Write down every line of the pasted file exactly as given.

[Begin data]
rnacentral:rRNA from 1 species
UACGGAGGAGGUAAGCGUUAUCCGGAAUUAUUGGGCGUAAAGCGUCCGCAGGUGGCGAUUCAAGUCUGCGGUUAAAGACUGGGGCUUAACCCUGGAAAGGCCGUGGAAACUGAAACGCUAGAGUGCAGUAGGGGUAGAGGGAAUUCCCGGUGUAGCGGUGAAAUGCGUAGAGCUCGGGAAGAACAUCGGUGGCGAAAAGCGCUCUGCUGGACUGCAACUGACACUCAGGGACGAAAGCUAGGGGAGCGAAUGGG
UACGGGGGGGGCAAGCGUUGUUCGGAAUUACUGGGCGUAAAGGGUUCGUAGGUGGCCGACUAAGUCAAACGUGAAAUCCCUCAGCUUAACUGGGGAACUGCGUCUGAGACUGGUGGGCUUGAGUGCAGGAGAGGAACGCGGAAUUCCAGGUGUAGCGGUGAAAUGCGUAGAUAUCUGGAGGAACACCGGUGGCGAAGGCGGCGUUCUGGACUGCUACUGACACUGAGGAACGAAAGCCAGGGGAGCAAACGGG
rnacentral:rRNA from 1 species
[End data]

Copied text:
rnacentral:rRNA from 1 species
UACGGAGGAGGUAAGCGUUAUCCGGAAUUAUUGGGCGUAAAGCGUCCGCAGGUGGCGAUUCAAGUCUGCGGUUAAAGACUGGGGCUUAACCCUGGAAAGGCCGUGGAAACUGAAACGCUAGAGUGCAGUAGGGGUAGAGGGAAUUCCCGGUGUAGCGGUGAAAUGCGUAGAGCUCGGGAAGAACAUCGGUGGCGAAAAGCGCUCUGCUGGACUGCAACUGACACUCAGGGACGAAAGCUAGGGGAGCGAAUGGG
UACGGGGGGGGCAAGCGUUGUUCGGAAUUACUGGGCGUAAAGGGUUCGUAGGUGGCCGACUAAGUCAAACGUGAAAUCCCUCAGCUUAACUGGGGAACUGCGUCUGAGACUGGUGGGCUUGAGUGCAGGAGAGGAACGCGGAAUUCCAGGUGUAGCGGUGAAAUGCGUAGAUAUCUGGAGGAACACCGGUGGCGAAGGCGGCGUUCUGGACUGCUACUGACACUGAGGAACGAAAGCCAGGGGAGCAAACGGG
rnacentral:rRNA from 1 species